Councillor Abbs indicated that he was keen to take every opportunity to install defibrillators. He circulated a link to a database of defibrillator sites within West Berkshire. He stressed that they had the potential to save lives and even if just one phone box was used the Council should position themselves to do this.

The Chairman indicated that he was in favour of installing more defibrillators provided they were in appropriately located. He stated that one had been installed in his parish following a Member’s bid and he had been trained in their use.


a)    The Health and Wellbeing Board (via the Councils’ Public Health Team) undertakes the following research/actions:

·         Ask all town/parish councils to confirm the locations of telephone kiosks within the town or parish and whether they are in use or defunct and, if defunct, identify whether they have been adopted via the BT scheme, and if so by whom and for what purpose.

·         Ask all town/parish councils to also identify publicly accessible Automated External Defibrillators (AEDs) within their local area and to check these against the locations on the Save a Life App, with any missing devices registered via The Circuit.

·         A cost-benefit analysis to assess whether additional defibrillators should be provided and where any new devices would be most effectively deployed.

·         Following that analysis, and where additional units are considered likely to be effective, to approach town/parish councils and local communities to identify suitable sites (including phone boxes), and to ask those respondents if they would be willing to take responsibility for the installation and ongoing maintenance of any new AEDs.

·         An investigation into all available funding streams for new AEDs.

·         Initial publicity to ensure residents are aware of existing AED locations and how to locate them in the event of encountering someone experiencing cardiac arrest.

·         Consideration of funding a programme of First Aid training in schools and colleges and the wider community, to include the use of AEDs.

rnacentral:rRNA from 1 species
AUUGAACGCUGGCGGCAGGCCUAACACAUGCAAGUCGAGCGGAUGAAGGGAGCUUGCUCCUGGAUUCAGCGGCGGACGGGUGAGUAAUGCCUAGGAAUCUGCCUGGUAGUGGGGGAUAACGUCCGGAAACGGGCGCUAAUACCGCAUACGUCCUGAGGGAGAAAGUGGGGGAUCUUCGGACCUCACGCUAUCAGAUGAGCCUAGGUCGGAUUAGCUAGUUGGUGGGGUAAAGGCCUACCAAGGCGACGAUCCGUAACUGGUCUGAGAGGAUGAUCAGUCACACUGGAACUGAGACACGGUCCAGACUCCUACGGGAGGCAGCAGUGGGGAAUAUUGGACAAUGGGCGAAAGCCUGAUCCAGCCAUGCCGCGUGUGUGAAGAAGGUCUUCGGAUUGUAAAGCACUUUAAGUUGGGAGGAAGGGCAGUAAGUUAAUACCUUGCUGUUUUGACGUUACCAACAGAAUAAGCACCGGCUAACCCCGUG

b)    That following the research and a Report as to findings, the Board considers what recommendations should be made to Council (and possibly to other partners) in response to the Motion and as to how funding and resources can best be used to address the health and wellbeing needs of local residents.



Working with Refugees and Migrants in West Berkshire pdf icon PDF 310 KB

A presentation on how local agencies are working to support refugees and migrants, ensuring they have access to healthcare.


Carolyn Richardson gave a presentation on recent work undertaken with refugees and migrants in West Berkshire (Agenda Item 10). Key points from the presentation were:

·         The current focus was the Afghan resettlement and assistance programme set up by the Home Office, which had picked up pace since August.

·         Evacuees had initially spent two weeks in hotels as part of the managed quarantine service.

·         Due to the large numbers of families affected, the Home Office had then procured bridging / holding hotel accommodation, two of which were in West Berkshire.

·         The Council had been given less than 24 hours’ notice and it had been a significant challenge to prepare, since so little was known about the individuals involved.

·         Three families would be resettled within West Berkshire.


·         The families had arrived with nothing.

·         There were many children and a number of pregnant women.

·         There were concerns about their general health status:

o   Covid vaccines

o   Other routine vaccine status – MMR / flu